Wednesday, 3 September 2008

Crumlin/Drimnagh feud the Freddie Thompson gang or his sworn enemies, the Rastas.

Crumlin/Drimnagh feud the Freddie Thompson gang or his sworn enemies, the Rastas.
One of the most amazing facts of all about this urban feud is that it was sparked by the vandalism of a bicycle. Detectives believe a number of factors have led to the birth of this feud. "Some time in 1998 a dispute arose between various members over drugs and money causing a vicious split," said a well-placed source.
"Different members of both sides were assaulted and a series of tit-for-tat assaults, criminal damage to cars and vehicles belonging to them followed.
"Friends, relatives and associates from other areas such as Freddie Thompson and Paddy Doyle were brought into the dispute," said the source.
Gardai credit the burning of a bike belonging to one of Freddie's pals as the turning point in the neighbourhood squabble and the start of the decade-long warring. The bike belonging to the associate of 'Fat' Freddie Thompson was burned outside the gang member's home. The attack was blamed on a member of the Rastas, led by members of a local criminal family. The simple burning of the bike was a catalyst for a bloody war. In retaliation for the damage to the bike an attempt was made to petrol bomb the suspected culprit's house -- even though there was nothing whatsoever to associate him with the incident.
Shortly afterwards that Thompson associate was targeted again, almost certainly by the Rastas -- but this time it was his innocent mother's car that was attacked. The car was 'nitromorsed' -- in other words, burnt with acid. The combined incidents set the two gangs on a downward spiral of murder and mayhem. The gloves were well and truly off. From this inauspicious start, two gangs -- one lead by 'Fat' Freddie Thompson and his buddy Paddy Doyle (since murdered in Spain), and a rival and equally dangerous group of hoods led by another Drimnagh man known as the Rastas -- would war for position and power. Thompson's main rival in the Rastas cannot currently be named for legal reasons. Not long after the infamous bike burning incident the violence escalated and moved onto a much more dangerous level.
On March 4, 1999, shots were fired through the front window of a home on Kilworth Road in Crumlin by members of the Thompson gang. No one was injured in the shooting but the gunman shouted his name to neighbours, claiming responsibility for the incident. Nine days later the house was again targeted, and gardai believe it was the same gunman. Soon afterwards members of the Thompson gang were arrested and interviewed but no charges were ever brought due to lack of evidence. The gangs were flexing their muscles and testing each other's patience.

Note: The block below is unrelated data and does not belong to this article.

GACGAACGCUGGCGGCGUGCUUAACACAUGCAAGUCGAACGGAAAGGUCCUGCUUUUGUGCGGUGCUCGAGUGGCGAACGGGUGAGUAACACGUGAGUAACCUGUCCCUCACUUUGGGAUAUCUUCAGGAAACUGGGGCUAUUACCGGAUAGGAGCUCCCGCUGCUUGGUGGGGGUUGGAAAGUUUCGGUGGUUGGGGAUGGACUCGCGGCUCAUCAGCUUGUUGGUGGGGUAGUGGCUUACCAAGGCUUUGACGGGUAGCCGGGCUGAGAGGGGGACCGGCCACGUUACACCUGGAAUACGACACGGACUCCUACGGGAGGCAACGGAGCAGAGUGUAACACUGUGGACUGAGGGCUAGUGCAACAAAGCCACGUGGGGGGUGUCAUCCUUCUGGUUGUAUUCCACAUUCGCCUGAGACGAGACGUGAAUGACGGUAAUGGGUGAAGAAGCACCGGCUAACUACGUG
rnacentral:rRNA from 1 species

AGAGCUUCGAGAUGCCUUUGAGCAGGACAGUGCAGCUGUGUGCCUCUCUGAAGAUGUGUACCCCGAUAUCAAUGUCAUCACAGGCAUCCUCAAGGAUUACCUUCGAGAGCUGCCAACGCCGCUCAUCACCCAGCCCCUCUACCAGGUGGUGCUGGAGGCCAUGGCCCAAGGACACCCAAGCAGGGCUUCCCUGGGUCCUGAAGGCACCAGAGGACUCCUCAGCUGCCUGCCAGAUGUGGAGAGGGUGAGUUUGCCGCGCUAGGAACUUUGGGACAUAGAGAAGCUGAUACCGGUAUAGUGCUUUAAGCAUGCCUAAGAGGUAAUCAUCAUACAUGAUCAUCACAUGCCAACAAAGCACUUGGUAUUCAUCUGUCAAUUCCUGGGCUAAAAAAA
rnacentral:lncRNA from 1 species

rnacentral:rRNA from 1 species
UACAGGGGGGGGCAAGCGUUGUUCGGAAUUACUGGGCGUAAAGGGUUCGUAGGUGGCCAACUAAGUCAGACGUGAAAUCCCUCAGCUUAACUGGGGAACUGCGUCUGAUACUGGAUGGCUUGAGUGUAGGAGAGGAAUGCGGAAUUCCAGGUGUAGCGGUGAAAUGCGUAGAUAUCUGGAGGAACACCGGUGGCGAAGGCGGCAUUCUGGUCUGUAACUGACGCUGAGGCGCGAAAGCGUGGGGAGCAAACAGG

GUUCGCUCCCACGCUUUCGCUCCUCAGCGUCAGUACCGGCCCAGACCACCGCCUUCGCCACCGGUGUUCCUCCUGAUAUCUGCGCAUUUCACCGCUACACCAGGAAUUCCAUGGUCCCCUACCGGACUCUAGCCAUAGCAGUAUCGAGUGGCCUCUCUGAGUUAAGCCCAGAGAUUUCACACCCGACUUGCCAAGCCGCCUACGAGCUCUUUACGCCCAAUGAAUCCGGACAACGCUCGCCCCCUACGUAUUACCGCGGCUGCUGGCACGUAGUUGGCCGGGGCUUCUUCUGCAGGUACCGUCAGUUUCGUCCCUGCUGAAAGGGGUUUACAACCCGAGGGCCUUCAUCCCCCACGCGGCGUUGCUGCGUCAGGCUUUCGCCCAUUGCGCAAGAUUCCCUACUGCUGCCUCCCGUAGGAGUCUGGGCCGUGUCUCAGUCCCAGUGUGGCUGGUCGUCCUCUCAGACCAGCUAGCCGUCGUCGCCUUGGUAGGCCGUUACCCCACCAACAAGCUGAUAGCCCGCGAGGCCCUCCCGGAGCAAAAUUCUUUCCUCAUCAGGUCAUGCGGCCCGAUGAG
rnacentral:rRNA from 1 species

By April 2001 the war between the two gangs spilled over onto the streets, into pubs and outside city nightclubs. A resident in Lucan reported gunshots on his home following an altercation with a Thompson gang member in a Dublin nightclub some weeks earlier. On April 8, 2001, a gunman fired three shotgun blasts through the front door and window of the Lucan house at 3.40am. The resident told gardai he had been in a fight in a nightclub two weeks before with members of Freddie's gang, which may have made him a target. The shooting had all the hallmarks of a professional gangland attack. In a possible retaliation strike, the home of a Thompson gang member was attacked in a drive-by shooting incident on June 5, 2001.
Later that summer the Crumlin/Drimnagh feud was to claim the first of its 13 victims. Yet the feud was far from over. A family gathering between members of the Rastas ended up in a bloody brawl in February 2002 when "words were exchanged" between the gang members and associates of their rivals. One man was so badly assaulted during the attack that followed that he received 80 stitches to his head.
A revolver was also produced during the incident, which occurred just yards from the mobster's aunt's home on Basin Street in Dublin 8. Not to be outdone, a revenge attack was ordered. On June 13, 2002, two men kicked down the door of a house at Park Terrace, Dublin 8. There were five people in the house at the time of the incident and two of them received gunshot wounds. Three men from the Thompson side of the gang were arrested and questioned about this incident. Five days later two gun attacks in the space of four hours led to the beginning of a new level and intensity of violence for both gangs. As members of the Thompson gang sat celebrating St Patrick's Day in Judge Darley's Pub, outside their rivals were plotting some celebrations of their own. At 1am, members of the opposite gang were busy orchestrating a drive-by shooting of the inner city pub. Although no one was injured in the attack, gang members inside the Parkgate Street pub quickly sobered up in time to formulate a revenge plan. Just three hours later, at 4am, the house of a key 'Rasta' gang member was taken by storm and with devastating consequences.
The house at Cooley Road in Crumlin was showered in a hail of bullets when at least four men shot their way into the house and a man was shot in the stomach.
It was now just three years into the south Dublin dispute and already there had been one murder, six firearms incidents, two people shot and a series of assaults.
But the worst was yet to come. And if the worst is still yet to come, are we staring into the ugly and scarred face of urban gang warfare more often associated with Mexico, Los Angeles and South Africa?


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